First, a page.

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Among the natural farming approaches that I know of, only Mr. Masanobu Fukuoka's approach is based on the philosophy of Buddhism. He emphasized that the philosophy behind farming is the most important thing.

When Mr. Fukuoka was 25 years old, he had an awakening experience. His thoughts therefore concur with Buddhism's dharma. In his books, "The One-Straw Revolution" and "The Natural Way of Farming", Mr. Fukuoka emphasizes that farming should be guided by Buddhist philosophy. He named his natural farming approach as Farming method of the Dharma or the Buddhist farming method.
First Aid is a strategy applying on people in need of physical health intervention, such as Cardiopulmonary Resuscitation known as CPR, and basic management of trauma before health care professionals intervene. When people suffer from a sudden illness, first Aid can provide the screening to save lives, prevent conditions from worsening, or to promote recovery. But, what about people who need immediate assistance in their mental health? According to the national survey of America, it is found that 18.5% of adults (18 or older) experiences one kind of mental illness in a year. Is there any way for us to help? On April 21, 2018, at Chan Meditation Center of Dharma Drum Mountain Buddhist Association, the Adult Mental Health First Aid Training was offered by New York City Health Department. Many common misconceptions of mental diseases were clarified during the course. We learned how to identify the symptoms of depression, anxiety, psychosis, substance abuse, and Mental Health Crisis.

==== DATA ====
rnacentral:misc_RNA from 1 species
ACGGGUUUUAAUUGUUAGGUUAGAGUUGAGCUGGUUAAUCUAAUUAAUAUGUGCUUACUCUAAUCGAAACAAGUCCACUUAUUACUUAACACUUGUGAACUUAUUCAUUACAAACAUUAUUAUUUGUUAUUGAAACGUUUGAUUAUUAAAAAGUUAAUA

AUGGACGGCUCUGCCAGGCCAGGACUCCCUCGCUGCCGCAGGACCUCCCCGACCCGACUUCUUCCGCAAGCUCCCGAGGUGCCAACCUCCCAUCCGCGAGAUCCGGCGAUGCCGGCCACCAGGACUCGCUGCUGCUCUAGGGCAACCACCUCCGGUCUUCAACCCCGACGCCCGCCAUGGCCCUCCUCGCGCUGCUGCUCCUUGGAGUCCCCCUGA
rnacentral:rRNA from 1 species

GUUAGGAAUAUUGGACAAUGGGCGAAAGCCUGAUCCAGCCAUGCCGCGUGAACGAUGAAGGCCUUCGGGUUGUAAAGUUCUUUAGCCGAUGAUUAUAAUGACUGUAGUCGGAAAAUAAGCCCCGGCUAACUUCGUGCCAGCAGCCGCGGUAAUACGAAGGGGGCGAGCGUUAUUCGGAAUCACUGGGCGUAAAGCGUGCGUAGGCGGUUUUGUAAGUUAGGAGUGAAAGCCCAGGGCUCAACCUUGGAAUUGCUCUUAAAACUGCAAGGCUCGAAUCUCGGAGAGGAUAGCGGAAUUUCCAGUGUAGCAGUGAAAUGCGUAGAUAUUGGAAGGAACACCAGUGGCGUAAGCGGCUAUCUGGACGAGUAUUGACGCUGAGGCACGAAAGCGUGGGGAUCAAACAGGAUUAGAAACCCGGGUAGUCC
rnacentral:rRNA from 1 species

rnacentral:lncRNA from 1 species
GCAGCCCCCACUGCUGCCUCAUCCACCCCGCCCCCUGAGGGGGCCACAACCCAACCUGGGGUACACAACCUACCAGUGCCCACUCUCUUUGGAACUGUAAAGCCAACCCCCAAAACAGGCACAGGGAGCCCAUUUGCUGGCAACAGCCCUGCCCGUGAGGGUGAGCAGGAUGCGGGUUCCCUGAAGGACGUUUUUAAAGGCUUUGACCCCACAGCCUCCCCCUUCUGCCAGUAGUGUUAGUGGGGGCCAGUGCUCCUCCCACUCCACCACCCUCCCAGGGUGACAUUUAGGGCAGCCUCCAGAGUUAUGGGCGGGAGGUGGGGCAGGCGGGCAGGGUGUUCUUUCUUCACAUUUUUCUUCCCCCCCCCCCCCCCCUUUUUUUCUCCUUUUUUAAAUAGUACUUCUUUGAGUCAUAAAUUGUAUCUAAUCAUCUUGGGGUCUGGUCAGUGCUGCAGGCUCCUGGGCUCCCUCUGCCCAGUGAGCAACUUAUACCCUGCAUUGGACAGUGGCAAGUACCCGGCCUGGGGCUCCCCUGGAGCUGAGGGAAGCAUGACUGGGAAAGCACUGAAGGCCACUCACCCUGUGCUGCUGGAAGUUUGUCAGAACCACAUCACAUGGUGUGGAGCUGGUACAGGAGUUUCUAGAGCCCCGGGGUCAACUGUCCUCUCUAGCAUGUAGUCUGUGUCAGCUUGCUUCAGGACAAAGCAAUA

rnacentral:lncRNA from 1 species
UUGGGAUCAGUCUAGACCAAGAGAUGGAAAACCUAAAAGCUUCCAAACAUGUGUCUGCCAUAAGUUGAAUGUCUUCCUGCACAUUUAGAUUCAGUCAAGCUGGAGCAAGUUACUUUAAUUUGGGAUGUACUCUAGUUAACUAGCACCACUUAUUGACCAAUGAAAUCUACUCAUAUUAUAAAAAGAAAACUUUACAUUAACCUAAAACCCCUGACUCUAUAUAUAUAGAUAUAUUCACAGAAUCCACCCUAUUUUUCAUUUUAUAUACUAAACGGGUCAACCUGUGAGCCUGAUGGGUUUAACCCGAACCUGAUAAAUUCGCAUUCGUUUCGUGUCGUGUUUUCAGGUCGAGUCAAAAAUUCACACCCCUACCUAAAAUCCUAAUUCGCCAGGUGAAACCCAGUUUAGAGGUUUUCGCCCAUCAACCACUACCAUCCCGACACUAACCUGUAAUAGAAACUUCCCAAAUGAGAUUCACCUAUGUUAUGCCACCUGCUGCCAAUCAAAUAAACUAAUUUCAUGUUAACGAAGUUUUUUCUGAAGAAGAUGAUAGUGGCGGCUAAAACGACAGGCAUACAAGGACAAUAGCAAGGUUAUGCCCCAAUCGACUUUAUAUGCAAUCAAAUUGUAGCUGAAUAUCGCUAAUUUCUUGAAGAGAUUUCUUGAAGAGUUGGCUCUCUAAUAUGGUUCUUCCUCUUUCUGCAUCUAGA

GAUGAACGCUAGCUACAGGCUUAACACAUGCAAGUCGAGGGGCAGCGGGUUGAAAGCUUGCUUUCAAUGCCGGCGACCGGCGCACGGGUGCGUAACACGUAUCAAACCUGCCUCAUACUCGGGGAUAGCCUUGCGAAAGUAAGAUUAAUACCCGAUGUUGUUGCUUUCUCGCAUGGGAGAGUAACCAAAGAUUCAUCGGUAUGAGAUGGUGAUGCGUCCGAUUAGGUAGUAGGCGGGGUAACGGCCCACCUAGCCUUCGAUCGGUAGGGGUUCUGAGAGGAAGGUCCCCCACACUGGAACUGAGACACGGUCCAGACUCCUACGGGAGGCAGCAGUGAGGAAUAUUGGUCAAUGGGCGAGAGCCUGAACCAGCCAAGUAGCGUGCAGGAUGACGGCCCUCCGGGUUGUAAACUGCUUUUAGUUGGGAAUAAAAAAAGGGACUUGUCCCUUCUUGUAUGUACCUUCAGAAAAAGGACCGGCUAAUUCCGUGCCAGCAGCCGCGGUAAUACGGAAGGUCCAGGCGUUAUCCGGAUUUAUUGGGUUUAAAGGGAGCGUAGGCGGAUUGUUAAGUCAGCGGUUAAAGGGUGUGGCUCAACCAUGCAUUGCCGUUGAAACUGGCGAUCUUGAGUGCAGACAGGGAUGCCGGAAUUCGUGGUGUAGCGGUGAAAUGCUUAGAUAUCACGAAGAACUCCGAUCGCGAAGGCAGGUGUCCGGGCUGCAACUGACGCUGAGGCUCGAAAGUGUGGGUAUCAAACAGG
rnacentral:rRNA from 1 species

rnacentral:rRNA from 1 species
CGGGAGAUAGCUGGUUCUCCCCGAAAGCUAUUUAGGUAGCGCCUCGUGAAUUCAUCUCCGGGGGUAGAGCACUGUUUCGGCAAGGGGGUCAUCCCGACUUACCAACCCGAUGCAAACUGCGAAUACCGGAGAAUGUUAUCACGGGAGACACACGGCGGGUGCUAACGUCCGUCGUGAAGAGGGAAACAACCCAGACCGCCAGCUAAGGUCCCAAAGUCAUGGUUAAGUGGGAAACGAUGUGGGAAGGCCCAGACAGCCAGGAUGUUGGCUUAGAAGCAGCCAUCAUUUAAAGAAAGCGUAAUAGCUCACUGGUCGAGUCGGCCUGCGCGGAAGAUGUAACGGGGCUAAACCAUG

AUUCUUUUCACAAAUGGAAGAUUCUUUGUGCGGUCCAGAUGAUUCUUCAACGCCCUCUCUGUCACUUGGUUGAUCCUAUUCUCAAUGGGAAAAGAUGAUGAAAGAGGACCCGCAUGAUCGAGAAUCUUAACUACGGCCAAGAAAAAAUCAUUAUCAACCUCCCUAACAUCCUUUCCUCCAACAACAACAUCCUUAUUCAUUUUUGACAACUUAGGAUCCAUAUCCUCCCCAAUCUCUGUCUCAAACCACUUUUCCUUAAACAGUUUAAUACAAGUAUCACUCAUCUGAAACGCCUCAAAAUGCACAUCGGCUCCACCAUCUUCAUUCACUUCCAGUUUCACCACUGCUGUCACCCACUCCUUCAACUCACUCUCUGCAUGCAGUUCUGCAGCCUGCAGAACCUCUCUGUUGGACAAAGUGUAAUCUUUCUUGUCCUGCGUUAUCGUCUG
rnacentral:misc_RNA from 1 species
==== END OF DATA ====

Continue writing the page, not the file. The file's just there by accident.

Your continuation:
Life's mission, have you found it yet?

On April 7-8, the " DDM for Young People in Malaysia" (法青會馬來西亞分會) organized “In search of the beautiful life mission" workshop, and invited the representatives from DDMBA, Ven. Guo Chan (果禪法師)and Ven. Chang Ji (常濟法師), to lead the workshop.

Let’s follow in the Young Buddhists of self-discovery, feel the vitality of the maturing souls from this new generation.
Last Friday, I had the wonderful fortune of learning from my mom about a Zentangle drawing session happening at Dharma Drum Vancouver Centre (DDVC) in Richmond. Zentangle is a form of pattern drawing that is both creative and meditative. Although I’d heard of Zentangle before, I’d never tried it because I don’t usually draw much. Since this was an introductory-level workshop, I was curious and decided to attend.
In April 2018, after a ten-year absence, Ven. Gou Yuan, the Abbot of Dharma Drum Retreat Center, returned to the St. Louis Branch in Missouri to lead Chan retreats and conduct Dharma lectures; this provided a rare chance for the local as well as international students to practice and experience purification of the mind.
Editor Notes
Gilbert Gutierrez, an attorney in U.S., also a seeker all his life, studied various martial arts and mind arts but couldn’t be satisfied until encountering with Master Sheng Yen.
He received Master’s teachings as well as Dharma transmission and started to propagate Chan Buddhism to the West ever since he became one of the Dharma Heirs of Master Sheng Yen.

How did he make all these possible?